BARFLY TOP TEN: London via Melbourne songstress Suzie Stapleton
Photo by Steve Gullick
Top Ten things I enjoyed in 2017, in no particular order and randomly numbered:
5. Tenebrous Liar - The Cut (Album)
I have faith Tenebrous Liar can save us from the Indie-pocolypse. I don’t know how to describe this album - the sounds and mood is as wonderfully textural and emotive as frontman Steve Gullick’s photographs (which he is better known for). Highlights “Alienation”, “Lowlands”, “Swing For Me”... all of it. Bandcamp.
4. Chelsea Wolfe - Hiss Spun (Album)
This entry is more for Chelsea Wolfe’s catalogue than just this one album. I was late on the uptake and only discovered her music this year. Albums “Abyss” and “Unknown Rooms” have been on repeat, though Hiss Spun also has plenty of charms too. Website. Listen on Spotify.
1. Blood Meridian - Cormack McCarthy (Book)
Yes, this book was published in 1985, and everyone else has known it’s great forever, but I only got around to reading it this year and seeing as it was such an inspirational highlight I’m putting it on the list.
3. Mark Lanegan - I Am The Wolf: Lyrics and Writings (Book)
I’ve been a big fan of Lanegan’s music for a long time. He’s a brilliant wordsmith and having all his lyrics in one volume is a treat. There’s brief, insightful anecdotes to introduce each set of album lyrics. Coincidentally, when I was mid-Blood Meridian I received I Am The Wolf in the post and opened it at a random page which happened to be Lanegan talking about writing “Whiskey for the Holy Ghost” and citing Blood Meridian as an inspiration. Spooky.
7. Duke Garwood - Garden of Ashes (Album)
Listening to a Garwood album is like hanging out in a bluesy cocoon in the shade of a temperate jungle. He makes magic with his guitar. Lovely. Listen on Spotify.
6. Patti Smith - Devotion: Why I Write (Book)
This reflection on the creative process is a shorter trip than “Just Kids” and “M Train” though it weaves as warm a blanket and is just as immersive. All of her books are a gift and I could easily stay in Patti land forever. The only thing wrong with this book is it’s over too soon.
2. Jim Jones & The Righteous Mind - Super Natural (Album)
Nepotism alert: Even if I didn’t share a bass player with this band this would still be on my list. A rock solid rock album. Jim Jones Revue were a great band but this reincarnation has taken it up a notch. From absolutely blistering guitar solos on “Base Is Loaded”, to anthemic sing alongs such as “Something’s Gonna Get It’s Hand On You”, to tender closer “Everyone But Me” reminiscent of a Tex Perkins/Dark Horses moment (Tex, Don, Charlie also put out a great album this year which I forgot until after I’d written this so here it is sneakily as number 11). Bandcamp.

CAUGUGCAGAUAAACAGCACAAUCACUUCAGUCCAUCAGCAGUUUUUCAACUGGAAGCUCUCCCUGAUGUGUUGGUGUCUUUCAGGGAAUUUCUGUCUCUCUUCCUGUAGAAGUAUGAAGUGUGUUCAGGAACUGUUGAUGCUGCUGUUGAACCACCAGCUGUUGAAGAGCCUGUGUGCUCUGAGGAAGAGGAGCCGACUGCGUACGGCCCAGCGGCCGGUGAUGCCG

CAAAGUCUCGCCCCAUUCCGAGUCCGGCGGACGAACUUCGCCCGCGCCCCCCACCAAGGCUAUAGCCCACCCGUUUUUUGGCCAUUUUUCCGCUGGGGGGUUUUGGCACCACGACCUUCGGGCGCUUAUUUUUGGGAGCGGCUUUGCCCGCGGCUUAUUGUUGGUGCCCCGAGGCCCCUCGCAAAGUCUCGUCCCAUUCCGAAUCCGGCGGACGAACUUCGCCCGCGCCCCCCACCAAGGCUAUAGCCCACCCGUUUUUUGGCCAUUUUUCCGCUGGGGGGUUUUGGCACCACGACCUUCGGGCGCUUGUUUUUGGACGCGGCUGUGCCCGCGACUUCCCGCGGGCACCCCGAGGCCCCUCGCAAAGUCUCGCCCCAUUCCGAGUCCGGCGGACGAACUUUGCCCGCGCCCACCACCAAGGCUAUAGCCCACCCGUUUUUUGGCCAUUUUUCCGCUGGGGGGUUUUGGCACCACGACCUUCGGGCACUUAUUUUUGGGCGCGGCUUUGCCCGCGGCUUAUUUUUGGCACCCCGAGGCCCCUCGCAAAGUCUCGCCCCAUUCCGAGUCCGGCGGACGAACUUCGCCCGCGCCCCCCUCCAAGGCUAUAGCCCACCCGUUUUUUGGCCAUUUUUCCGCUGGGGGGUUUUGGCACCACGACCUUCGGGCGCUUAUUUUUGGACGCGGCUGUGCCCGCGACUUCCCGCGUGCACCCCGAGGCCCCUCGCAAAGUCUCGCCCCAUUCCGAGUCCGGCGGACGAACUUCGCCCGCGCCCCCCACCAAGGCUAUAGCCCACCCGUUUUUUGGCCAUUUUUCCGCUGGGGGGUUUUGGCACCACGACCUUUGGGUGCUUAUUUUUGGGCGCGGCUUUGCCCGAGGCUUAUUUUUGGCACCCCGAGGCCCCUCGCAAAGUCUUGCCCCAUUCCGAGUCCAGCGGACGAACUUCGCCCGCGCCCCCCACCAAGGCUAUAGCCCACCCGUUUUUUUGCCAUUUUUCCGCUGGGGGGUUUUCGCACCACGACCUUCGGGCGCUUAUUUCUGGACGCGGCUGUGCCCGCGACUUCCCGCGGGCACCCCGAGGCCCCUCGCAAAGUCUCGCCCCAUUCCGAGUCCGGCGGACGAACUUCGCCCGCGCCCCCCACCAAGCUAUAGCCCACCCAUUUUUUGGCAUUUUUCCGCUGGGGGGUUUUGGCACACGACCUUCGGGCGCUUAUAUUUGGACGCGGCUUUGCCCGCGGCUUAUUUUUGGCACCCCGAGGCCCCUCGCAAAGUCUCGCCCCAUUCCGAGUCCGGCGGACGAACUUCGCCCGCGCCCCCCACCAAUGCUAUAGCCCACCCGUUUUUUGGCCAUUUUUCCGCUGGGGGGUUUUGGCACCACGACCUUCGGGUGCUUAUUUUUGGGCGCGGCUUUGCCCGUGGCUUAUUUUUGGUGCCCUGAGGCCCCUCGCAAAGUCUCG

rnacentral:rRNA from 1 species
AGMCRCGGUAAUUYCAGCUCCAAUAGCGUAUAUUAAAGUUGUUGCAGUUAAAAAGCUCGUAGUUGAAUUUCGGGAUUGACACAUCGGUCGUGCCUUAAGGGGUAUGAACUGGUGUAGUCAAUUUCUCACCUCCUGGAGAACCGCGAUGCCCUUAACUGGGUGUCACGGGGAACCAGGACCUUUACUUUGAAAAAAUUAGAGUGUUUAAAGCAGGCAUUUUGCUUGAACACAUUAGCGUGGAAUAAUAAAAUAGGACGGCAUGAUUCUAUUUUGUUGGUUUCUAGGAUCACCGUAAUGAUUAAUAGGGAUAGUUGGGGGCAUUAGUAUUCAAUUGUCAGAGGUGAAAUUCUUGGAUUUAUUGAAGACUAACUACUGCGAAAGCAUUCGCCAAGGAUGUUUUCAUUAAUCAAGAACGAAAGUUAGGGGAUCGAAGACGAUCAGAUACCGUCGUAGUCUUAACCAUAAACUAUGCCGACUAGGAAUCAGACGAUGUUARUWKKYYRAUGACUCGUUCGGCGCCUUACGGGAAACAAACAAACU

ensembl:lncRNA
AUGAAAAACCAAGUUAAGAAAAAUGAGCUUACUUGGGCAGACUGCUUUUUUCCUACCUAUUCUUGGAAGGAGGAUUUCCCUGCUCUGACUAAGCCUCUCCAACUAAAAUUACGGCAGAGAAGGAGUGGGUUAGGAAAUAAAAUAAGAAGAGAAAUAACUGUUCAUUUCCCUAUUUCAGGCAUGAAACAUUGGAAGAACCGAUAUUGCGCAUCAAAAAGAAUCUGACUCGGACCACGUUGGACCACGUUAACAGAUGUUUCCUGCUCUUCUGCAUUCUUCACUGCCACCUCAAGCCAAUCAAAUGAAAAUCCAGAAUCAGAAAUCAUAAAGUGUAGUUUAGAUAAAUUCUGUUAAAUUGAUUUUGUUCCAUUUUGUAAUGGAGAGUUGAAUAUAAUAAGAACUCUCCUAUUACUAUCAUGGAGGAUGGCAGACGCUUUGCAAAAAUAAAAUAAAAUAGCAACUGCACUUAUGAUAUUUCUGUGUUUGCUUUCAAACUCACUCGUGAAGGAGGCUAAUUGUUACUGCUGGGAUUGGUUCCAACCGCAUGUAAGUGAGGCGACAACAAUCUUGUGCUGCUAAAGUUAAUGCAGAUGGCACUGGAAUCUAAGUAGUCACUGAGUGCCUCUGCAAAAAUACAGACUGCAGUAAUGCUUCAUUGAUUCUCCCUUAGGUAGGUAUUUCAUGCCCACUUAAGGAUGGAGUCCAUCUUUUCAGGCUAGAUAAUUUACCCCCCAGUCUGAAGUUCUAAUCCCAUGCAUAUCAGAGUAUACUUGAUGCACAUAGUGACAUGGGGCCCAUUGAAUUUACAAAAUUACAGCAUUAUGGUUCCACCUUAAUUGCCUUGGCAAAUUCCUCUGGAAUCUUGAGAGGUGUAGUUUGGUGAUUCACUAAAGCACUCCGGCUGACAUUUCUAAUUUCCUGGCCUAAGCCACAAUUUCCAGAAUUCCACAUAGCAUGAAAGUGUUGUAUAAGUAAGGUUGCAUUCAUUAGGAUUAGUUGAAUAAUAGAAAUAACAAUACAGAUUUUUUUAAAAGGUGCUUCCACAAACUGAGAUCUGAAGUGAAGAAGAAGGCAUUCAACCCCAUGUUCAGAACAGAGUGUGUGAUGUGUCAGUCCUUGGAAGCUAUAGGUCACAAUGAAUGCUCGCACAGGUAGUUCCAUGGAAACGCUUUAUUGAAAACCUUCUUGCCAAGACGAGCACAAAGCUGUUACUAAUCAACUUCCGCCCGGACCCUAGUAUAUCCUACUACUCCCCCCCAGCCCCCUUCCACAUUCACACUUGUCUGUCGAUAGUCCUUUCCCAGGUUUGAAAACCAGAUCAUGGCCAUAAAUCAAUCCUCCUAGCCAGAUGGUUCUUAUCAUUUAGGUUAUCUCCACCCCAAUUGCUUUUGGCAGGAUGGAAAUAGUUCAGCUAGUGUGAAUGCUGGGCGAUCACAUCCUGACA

8. Blue Planet II (TV Series)
I haven’t even seen the whole series yet, but episode two ”The Deep” is the most mind-blowing thing I’ve seen in a long, long time. I watched it alone and was shouting things such as “NO FUCKING WAY”, “OH MY GOD THIS IS INCREDIBLE” at the television. Deep sea creatures are mental and I’ve never seen them filmed like this before. There’s a fish with a see-through head, FFS, amongst other things. It’s heartening to see this series has raised some awareness about the terrible damage we’re doing to our oceans with plastic pollution. They say by 2050 there’ll be more plastic in the ocean than fish. That’s messed up and a pretty massive price to pay for the convenience of plastic bottles, bags, straws, cups, and cutlery. Keep up the good fight.
10. Lift To Experience - The Texas-Jerusalem Crossroads (Album)
This is a remixed re-release of Lift To Experience’s 2001 album. Fronted by Josh T Pearson, this album is one heck of a journey based around the second coming of Christ happening in Texas - or something. Great guitar sounds and production. Good epic rock. Listen on Spotify.
9. Hurray For The Riff Raff - The Navigator
This is more easy listening than the rest of my list. Sometimes it’s just nice to sing along y’know? I really like Alynda Segarra‘s voice and the album explores themes of those marginalised in society, swept aside by gentrification, the debt crisis and the like. “Pa’lante” is a moving song of defiance. Also beautiful, warm production from Paul Butler. Listen on Spotify.